Josef Stalin is reported to have said that “quantity has a quality all its own If Stalin was right, Wikipedia certainly has the quantity quality: As of September 5, 2014, Wikipedia was home to some 4,596,421 articles. Tonight, 11 days later, has about 4,605,221 as about 800 new articles show up every day.
We also know that Wikipedia's accuracy compares favorably with mainstream encyclopedias: In particular, Encyclopedia Brittanica. Despite having a mere 80,000 odd articles, the venerable Encyclopedia Brittanica, when its articles under go comparative analysis with corresponding Wikipedia articles, has about the same level of accuracy. Brittanica, of course, consistently does have cleaner copy editing.
Like it or not, the world is moving rapidly towards crowd-sourced or otherwise non-professionally mediated reference tools.
Many in academia do not like the trend and are pushing back. An article by Scott Jaschik, “A Stand Against Wikipedia,” Inside Higher Education, notes that
As Wikipedia has become more and more popular with students, some professors have become increasingly concerned about the online, reader-produced encyclopedia. While plenty of professors have complained about the lack of accuracy or completeness of entries, and some have discouraged or tried to bar students from using it, the history department a Middlebury College is trying to take a stronger, collective stand. It voted this month to bar students from citing the web site as a source in papers or other academic work. All faculty members will be telling students about the policy and explaining why material on Wikipedia—while convenient—may not be trustworthy.
Wikipedia not trustworthy? Not an appropriate source? No kidding! I've been fussing around with teachers and sources for quite some time now and do not recall a time, at least since the early 1960s, when encyclopedia articles were considered—with some exceptions—an appropriate source for academic work.
The editors of Wikipedia agree with this assertion: according to Jaschik, Wikipedia spokeswoman stated that
Wikipedia is an ideal place to start your research and get a global picture of a topic, however, it is not an authoritative source. In fact, we recommend that students check the facts they find in Wikipedia against other sources. Additionally, it is generally good research practice to cite an original source when writing a paper. . . . It is usually not advisable, particularly at the university level, to cite an encyclopedia.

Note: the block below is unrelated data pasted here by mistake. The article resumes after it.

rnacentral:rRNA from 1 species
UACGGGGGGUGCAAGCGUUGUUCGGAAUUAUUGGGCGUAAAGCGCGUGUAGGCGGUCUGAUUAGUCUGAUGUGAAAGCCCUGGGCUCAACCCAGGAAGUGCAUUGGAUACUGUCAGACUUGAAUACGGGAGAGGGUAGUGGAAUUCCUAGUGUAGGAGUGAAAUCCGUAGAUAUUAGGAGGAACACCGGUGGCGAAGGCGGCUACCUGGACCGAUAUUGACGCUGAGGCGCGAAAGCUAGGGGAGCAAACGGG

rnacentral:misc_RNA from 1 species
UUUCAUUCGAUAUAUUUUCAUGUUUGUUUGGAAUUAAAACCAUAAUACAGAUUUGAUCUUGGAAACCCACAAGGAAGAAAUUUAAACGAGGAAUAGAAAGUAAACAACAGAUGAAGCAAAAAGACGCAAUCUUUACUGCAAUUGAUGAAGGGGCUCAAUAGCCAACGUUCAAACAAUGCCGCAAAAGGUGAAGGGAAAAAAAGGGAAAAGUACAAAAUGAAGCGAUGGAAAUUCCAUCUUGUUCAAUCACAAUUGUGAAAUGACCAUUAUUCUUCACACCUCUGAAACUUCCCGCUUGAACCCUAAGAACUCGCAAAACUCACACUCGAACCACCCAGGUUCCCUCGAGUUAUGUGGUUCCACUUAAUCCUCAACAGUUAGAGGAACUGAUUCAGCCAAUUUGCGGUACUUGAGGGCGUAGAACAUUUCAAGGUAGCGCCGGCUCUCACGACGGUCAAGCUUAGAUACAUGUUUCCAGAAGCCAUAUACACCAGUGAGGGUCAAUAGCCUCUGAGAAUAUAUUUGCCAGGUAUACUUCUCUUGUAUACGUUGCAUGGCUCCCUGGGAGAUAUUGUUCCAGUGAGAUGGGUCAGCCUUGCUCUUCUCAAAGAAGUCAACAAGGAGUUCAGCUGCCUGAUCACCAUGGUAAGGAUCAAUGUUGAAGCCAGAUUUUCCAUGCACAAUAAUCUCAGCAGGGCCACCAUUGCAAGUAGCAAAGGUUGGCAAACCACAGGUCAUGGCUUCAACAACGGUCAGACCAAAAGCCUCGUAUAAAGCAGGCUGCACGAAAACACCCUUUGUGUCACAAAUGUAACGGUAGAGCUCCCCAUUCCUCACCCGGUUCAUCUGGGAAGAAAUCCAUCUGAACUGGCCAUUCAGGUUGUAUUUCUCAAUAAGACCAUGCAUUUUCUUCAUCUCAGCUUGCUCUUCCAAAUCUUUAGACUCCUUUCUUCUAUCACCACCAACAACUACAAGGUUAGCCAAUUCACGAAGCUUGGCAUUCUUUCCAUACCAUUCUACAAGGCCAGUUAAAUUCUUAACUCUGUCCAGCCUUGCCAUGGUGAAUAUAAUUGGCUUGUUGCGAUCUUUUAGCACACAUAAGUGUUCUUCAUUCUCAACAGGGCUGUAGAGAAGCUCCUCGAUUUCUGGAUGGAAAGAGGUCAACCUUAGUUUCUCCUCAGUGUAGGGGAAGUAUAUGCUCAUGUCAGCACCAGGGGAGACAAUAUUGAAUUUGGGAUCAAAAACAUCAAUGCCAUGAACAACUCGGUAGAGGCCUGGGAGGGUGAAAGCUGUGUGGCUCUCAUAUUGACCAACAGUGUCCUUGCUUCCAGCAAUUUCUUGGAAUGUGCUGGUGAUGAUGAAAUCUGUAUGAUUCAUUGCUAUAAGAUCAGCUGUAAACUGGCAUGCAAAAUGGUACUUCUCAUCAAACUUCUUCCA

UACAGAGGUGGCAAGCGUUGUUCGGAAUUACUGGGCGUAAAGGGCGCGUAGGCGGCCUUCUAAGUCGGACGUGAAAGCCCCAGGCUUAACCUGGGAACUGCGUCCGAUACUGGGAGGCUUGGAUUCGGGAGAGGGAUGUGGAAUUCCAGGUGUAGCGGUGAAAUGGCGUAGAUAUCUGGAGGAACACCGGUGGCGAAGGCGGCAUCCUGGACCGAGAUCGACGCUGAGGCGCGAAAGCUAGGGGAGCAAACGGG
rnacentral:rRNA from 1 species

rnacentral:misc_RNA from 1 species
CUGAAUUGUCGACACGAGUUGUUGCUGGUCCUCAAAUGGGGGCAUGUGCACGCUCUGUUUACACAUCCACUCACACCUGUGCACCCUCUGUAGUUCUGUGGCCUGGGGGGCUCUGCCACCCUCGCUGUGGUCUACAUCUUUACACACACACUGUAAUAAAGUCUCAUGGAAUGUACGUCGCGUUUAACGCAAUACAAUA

Furthermore, Wikipedia policy explicitly forbids primary research:
Wikipedia articles must not contain original research. To demonstrate that you are not adding original research, you must be able to cite reliable, published sources that are directly related to the topic of the article, and directly support the material being presented.
"No original research" is one of three core content policies that, along with Neutral point of view and Verifiability, determines the type and quality of material acceptable in articles. Because these policies work in harmony, they should not be interpreted in isolation from one another, and editors should familiarize themselves with all three.
The Wikipedia disclaimer not withstanding, it's possible to imagine circumstances wherein citing an encyclopedia or almanac in an academic work would be acceptable. Are the professors of Middlebury College claiming that Encyclopedia Britannica or the World Almanac would be acceptable to cite but not Wikipedia?
For instance, if the writer of a paper wanted to establish the duration of the Little Ice Age, which is a matter of some discussion, would a reference to Encyclopedia Britannica be acceptable while a reference to Wikipedia would be grounds for dinging the student's evaluation? If so, why?
Certainly, it is still the case that a research paper based primarily on information gleaned from encyclopedias would be frowned upon. If this is the case, why is it that so many in the academic community continue to vent about Wikipedia?
Some academics—present company excluded--are griping about the use of Wikipedia as a source for research papers are attacking a straw man of their own contrivance! Many professors are convinced that after years, perhaps decades, of study that they are damned well not going to be usurped by a bunch of volunteer 26.5 year-old Wikipedia editors! So, instead of shrugging it off, treating Wikipedia as they would any other encyclopedic source, they go nuts over errors and typos while ignoring the fabulous scope and consequence of this huge social phenomenon.